This Accordion's grill has 7 screws. I have an accordion that has only 2 screws, and one that shoud use 4 screws (but uses duct tape instead because I lost all the screws travelling. Don't let it happen to you, it sucks) so your's is probably different

Also +100 Meticulous Accordion Fanatic Points if you can put each screw back in the same hole when you're done!

Once all the screws are unscrewed, CAREFULLY lift the plate off. Some of them are stubborn, so be patient. Also pay close attention to how the register switches relate to the grill. Remember to breathe, and set the grill somewhere safe to the side.

Step 3: Removing the Spindle (s)

On the bottom edge of your keyboard (past the highest pitch, or towards your feet when you're playing) is a small metal thing with a screw in it. Unscrew that screw to fing (one or) two metal nubs that are the beginnings of  the spindles. If your accordion is in not-too-good shape, getting the spindles out might be a little bit hard.
In my case, once they were about an inch or two out, they came out pretty easily. Don't bend the spindles, try to pull them straight out.

Step 4: Removing the Keys

This part requires more careful attention. First make note of what the lowest and highest pitches are (in my case G and E) just in caseyou forget, then start (I started from the bottom) picking the keys up from the valve side. On this accordion, I had to pick up the first 2 keys (G and G#) and the last two keys (E and Eb) at the same time. Also, look at the way the valve bars are arranged, as you may have to take keys off out of order (I did for the 5 highest black keys).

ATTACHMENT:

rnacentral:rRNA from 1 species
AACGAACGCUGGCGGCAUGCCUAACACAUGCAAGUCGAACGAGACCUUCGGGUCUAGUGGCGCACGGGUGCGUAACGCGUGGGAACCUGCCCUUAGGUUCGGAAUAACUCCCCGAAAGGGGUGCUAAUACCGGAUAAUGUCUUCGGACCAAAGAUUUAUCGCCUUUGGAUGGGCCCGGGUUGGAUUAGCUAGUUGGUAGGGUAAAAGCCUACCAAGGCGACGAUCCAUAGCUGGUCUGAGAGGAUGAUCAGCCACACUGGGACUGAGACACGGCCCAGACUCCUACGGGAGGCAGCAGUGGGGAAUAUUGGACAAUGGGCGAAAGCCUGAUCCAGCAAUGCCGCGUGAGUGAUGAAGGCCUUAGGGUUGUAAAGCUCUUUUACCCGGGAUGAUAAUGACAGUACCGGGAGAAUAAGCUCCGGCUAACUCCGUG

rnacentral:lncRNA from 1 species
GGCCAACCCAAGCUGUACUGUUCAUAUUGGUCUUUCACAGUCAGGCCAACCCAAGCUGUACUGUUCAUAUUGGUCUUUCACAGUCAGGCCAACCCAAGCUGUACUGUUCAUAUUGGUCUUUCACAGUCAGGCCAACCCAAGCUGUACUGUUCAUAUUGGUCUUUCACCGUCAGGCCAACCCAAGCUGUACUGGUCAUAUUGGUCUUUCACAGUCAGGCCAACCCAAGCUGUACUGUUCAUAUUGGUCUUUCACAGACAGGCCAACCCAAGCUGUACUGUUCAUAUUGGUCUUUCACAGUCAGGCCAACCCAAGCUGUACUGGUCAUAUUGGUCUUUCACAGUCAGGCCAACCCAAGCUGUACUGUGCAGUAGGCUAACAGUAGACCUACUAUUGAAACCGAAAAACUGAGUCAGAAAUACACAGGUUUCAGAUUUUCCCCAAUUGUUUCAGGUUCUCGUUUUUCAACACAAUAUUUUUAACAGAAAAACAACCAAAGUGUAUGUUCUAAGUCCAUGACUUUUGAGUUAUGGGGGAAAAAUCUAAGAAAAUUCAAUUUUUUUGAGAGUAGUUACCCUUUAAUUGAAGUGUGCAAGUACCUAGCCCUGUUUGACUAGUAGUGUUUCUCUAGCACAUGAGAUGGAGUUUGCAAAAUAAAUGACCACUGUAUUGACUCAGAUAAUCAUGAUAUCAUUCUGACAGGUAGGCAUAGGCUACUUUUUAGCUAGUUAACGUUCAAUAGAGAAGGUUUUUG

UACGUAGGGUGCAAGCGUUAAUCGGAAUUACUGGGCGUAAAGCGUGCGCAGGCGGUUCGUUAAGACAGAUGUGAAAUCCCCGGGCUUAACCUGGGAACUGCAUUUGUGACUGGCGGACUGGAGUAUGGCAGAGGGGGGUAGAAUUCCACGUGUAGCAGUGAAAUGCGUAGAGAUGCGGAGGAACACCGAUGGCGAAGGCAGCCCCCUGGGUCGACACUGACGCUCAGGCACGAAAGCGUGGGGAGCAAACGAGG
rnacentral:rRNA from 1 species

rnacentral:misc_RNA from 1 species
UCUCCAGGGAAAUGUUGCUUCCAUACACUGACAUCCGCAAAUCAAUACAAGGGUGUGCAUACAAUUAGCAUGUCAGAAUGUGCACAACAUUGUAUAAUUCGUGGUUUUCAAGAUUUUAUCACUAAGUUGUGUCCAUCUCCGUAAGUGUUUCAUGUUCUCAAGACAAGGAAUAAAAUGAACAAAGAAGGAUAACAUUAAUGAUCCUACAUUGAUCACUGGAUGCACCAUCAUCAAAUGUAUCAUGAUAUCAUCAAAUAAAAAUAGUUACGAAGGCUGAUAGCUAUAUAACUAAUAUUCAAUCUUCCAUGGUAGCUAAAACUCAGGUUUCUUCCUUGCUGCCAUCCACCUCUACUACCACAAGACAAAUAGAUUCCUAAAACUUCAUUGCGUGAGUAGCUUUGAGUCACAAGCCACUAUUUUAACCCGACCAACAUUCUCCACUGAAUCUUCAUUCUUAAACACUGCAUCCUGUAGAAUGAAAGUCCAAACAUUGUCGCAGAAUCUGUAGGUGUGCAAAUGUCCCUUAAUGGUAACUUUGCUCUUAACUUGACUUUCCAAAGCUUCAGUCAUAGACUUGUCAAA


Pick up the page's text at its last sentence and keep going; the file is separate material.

Its nice to look in from the side while picking up the keys. Here it becomes important to notice the difference between the white and black keys and how they fit in. (I once heard a jazz song about how white people made the C scale the "standard" to segregate music, on a side note) In my example, the white keys all were fixed on one spindle (closer to the camera) and the black keys on another (behind). Remember that you're about to be doing this in reverse. 

Also, Put the keys in order on some nice surface to make it easy for yourself later.
+20 meticulous points if you can do this without confusing yourself!

Step 5: Cleaning the Keys

Cleaning the keys

First, I would use the dry toothbrush or rag to remove any dust or crud on the wood before working on the keys. If this makes your toothbrush dirty brown, then just load it up with oil and scrub it out onto the rag.